John Grisham’s “Sycamore Row” revisits Clanton, Miss., the site of his first and still most famous book, “A Time to Kill.” Just three years have passed since young Jake Brigance crusaded his way through Clanton’s most racially inflammatory murder trial. It is 1988, and Jake now has a small practice, a big reputation and a housing problem created when Ku Klux Klan members torched his lovingly restored Victorian home.
Mr. Grisham does not seem to have revisited his most popular character for the usual writerly reason: desperation. The unstoppable Energizer Bunny of legal fiction, Mr. Grisham does not need to cannibalize old hits to create new ones. Instead, “Sycamore Row” sets Jake in the midst of what is now a historical novel, resurrecting the Clanton of 25 years ago. That gives the author a new perspective on the town’s racial tensions and a chance to resurrect Jake, who by now feels like an old friend. All it takes is one big twist of fate, and Jake is back on center stage.
The twist is the suicide of a wealthy white man named Henry Seth Hubbard. He had a will that made beneficiaries of his two grown children, Ramona and Herschel. But on the last day of his life, Hubbard supposedly changed his mind. An envelope is delivered to Jake’s office containing a final, handwritten will that reverses the first one. Hubbard’s primary beneficiary is now Lettie Lang, his housekeeper, who is black and spent a lot of time alone with him. And Hubbard anticipates his family’s outrage at this move. “These are not nice people and they will fight, so get ready,” he warns. “Fight them, Mr. Brigance, to the bitter end.”
The legal issues raised by two differing wills, and the smell of money, invite a large crew of eager lawyers into the fight. Mr. Grisham’s gift for manipulating and explicating legal battles makes this multifaceted one satisfyingly cagey. But a curious phenomenon makes it too easy to be distracted from a Grisham novel in its early stages, before the fight really gets rolling. It’s not the fault of Mr. Grisham’s clean and clear prose. It’s because he is accurately capturing all the tedium, repetition, red tape and soporific rhetoric with which lawyers contend. If they must plod through discovery and suffer death by deposition, readers do too.
Mr. Grisham knows what lawyers have been taught to do. More important, he also knows how they actually behave. Although “Sycamore Row” is a bit crude at first, treating Lettie as a long-suffering saint and the Hubbards as racists who neither know or care when they insult her, it snaps into shape as soon as Clantonites realize how high the stakes are in this fight. Lettie’s potential inheritance would make a black maid the richest woman in Mr. Grisham’s Ford County. And the Ford County of 1988 is not about to let that happen.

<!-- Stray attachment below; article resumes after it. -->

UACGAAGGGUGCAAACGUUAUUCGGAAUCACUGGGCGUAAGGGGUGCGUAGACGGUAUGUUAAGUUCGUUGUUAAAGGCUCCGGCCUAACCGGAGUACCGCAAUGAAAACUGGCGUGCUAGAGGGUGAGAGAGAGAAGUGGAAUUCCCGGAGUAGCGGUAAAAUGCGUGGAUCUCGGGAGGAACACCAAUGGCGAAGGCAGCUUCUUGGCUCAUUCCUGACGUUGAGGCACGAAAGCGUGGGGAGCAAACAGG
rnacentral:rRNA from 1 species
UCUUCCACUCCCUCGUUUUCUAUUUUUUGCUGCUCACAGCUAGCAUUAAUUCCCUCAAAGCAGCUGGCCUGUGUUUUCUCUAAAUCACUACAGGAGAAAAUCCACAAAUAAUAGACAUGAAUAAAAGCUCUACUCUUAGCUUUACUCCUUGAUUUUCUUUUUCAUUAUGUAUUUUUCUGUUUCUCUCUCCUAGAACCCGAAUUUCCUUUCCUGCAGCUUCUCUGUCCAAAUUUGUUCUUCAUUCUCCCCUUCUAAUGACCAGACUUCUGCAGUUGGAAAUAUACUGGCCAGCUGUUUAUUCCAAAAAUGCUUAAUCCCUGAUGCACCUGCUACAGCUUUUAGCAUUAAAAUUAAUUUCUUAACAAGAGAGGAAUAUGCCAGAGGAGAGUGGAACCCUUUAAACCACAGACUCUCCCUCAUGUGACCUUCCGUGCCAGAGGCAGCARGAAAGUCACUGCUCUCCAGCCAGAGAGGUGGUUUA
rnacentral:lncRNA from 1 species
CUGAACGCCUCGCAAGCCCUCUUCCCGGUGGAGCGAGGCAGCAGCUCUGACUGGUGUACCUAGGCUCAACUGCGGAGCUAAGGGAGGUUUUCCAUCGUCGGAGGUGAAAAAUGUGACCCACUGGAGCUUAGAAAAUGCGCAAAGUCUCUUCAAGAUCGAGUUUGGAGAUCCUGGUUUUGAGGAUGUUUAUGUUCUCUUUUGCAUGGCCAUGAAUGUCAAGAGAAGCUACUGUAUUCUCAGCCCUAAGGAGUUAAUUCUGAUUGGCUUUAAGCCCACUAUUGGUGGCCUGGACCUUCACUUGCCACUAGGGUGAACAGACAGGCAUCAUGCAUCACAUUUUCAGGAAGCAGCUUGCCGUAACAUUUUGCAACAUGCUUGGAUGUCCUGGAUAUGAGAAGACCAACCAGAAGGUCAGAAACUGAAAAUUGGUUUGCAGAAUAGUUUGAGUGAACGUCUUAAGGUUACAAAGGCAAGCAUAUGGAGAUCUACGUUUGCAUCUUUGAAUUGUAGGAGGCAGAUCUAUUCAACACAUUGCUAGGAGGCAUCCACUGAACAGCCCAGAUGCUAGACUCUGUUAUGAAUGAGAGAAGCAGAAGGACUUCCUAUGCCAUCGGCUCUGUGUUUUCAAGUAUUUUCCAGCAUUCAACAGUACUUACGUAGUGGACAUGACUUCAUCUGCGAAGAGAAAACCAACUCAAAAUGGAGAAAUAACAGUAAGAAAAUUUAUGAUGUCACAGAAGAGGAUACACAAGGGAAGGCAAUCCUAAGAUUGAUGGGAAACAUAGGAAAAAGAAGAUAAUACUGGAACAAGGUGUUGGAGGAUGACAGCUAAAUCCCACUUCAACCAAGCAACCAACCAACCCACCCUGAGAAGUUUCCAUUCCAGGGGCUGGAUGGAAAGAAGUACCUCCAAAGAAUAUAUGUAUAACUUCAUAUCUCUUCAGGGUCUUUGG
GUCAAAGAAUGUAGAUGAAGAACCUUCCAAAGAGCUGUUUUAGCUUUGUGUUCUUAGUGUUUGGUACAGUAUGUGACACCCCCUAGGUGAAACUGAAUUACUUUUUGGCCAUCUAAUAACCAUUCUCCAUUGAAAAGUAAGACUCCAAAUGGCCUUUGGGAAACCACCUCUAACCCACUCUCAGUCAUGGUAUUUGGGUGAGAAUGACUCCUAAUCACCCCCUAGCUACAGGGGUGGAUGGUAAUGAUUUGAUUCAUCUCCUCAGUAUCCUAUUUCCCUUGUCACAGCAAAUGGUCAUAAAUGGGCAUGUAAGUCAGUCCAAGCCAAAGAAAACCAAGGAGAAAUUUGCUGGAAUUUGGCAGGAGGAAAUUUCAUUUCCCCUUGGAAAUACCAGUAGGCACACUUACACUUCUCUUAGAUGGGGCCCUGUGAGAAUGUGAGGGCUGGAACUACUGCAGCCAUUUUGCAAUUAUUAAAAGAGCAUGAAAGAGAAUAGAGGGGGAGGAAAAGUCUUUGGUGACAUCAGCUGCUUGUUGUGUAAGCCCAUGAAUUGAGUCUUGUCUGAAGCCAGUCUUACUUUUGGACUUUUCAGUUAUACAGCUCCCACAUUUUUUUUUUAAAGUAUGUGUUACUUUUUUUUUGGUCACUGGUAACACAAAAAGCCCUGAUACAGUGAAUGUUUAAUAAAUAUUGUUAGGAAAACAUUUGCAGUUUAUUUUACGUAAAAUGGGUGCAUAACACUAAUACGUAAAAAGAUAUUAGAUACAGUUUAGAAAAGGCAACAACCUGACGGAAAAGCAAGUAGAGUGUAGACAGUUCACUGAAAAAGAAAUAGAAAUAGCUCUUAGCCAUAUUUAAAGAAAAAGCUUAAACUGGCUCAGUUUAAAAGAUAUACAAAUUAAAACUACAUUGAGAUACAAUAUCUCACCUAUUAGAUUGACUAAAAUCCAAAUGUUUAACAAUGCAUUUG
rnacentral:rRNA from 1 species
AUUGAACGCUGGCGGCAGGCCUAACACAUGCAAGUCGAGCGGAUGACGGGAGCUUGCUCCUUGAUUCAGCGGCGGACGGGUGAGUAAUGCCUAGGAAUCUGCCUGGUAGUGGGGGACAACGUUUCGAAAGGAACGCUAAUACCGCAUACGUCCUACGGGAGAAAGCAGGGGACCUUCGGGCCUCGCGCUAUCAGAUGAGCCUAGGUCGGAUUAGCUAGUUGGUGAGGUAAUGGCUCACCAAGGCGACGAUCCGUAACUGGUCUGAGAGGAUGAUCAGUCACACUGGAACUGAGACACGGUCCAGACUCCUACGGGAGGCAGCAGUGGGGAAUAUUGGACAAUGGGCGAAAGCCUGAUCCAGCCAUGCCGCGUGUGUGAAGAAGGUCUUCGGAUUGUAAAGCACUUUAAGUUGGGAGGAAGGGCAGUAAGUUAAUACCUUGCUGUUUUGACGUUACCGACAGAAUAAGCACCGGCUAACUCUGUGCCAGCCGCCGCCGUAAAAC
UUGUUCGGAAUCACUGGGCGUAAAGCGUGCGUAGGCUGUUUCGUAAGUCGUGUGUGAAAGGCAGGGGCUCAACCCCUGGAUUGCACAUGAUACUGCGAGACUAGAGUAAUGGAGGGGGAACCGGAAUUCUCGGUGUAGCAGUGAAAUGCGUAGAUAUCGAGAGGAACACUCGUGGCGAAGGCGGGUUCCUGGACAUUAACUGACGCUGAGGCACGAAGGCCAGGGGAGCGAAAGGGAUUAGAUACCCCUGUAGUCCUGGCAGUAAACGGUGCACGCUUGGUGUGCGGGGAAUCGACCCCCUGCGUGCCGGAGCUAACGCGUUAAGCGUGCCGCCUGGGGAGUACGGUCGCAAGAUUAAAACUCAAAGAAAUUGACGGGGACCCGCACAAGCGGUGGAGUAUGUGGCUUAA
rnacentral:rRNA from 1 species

Mr. Grisham lets the Hubbards stay happily oblivious for a while, as Jake, chosen by Hubbard as his executor, quietly tracks down the dead man’s assets. Yes, this is a book about probate and appraisals and other nonscintillating processes that a will sets in motion. But it is also about the feeding frenzy that initially surrounds the Hubbards, who have no idea a second will exists. The jolt of that potentially more valid will sends shysters heading for Lettie, who is almost too shocked to understand her situation. Mr. Grisham cleverly positions Jake in the middle, as a lawyer well liked by the judge in the case, Reuben Attlee. Judge Attlee and other holdovers from “A Time to Kill” become strong, calculating characters in this book, too.
“Everything is about race in Mississippi,” Jake is told by Lucien Wilbanks, a disbarred lawyer and drunk who won’t stay out of the case — or out of Jake’s office, since Lucien is the landlord. Regardless of whether Lucien has that right, everything in “Sycamore Row” is about racial nuances and how they play. Lettie becomes shark bait for the high-profile black lawyer Booker Sistrunk, “an infamous bomb thrower” with an imposingly flashy style. He drives a Rolls-Royce, grandstands in the courtroom and seems guaranteed to alienate any white jurors, in the case where the jury will be mostly white. Jury selection is one more legal process that is described here in all of its authentically monotonous yet, from the lawyers’ standpoints, make-or-break detail. Mr. Grisham prefers grinding reality to a hyped-up sense of excitement.
Jake is blindsided with realizations that his actions can cause trouble, too. Jake makes one well-intentioned but bad mistake by helping Lettie’s husband, who proves so disreputable and dangerous that Jake can be tainted by even a distant connection. He is warned not to find too nice a place for his family to live; any suggestion that Jake is being well paid for his efforts could also taint him. And he fails to match the opposing lawyers’ research capabilities — which means he can be gobsmacked in the courtroom by a witness who was unknown to him beforehand. Mr. Grisham details the dirty tricks, data dumping and witness dumping, routinely used by a large legal team to flummox the other side.
As “Sycamore Row” finally reaches its trial phase, the author hits his full stride. He knows the courtroom inside out, and he helpfully describes each little step of these proceedings. Even if sharp-eyed readers already know how the book’s surprises may arise — has there ever been a long-lost relative who did not show up in a work of legal fiction? — they will still miss the final whammy that Mr. Grisham has in store. Hubbard hanged himself from a Sycamore tree, but that is not why this book is called “Sycamore Row.”
“We haven’t had this much excitement since the Hailey trial,” says Dell, the local waitress, speaking of the sparks that flew in Mr. Grisham’s 1989 debut. She’s right. And this may not be the end of it. Mr. Grisham leaves Jake ready and waiting to be seen again.
More Vexing Challenges for That Mississippi Lawyer
‘Sycamore Row,’ by John Grisham
October 30, 2013
The New York Times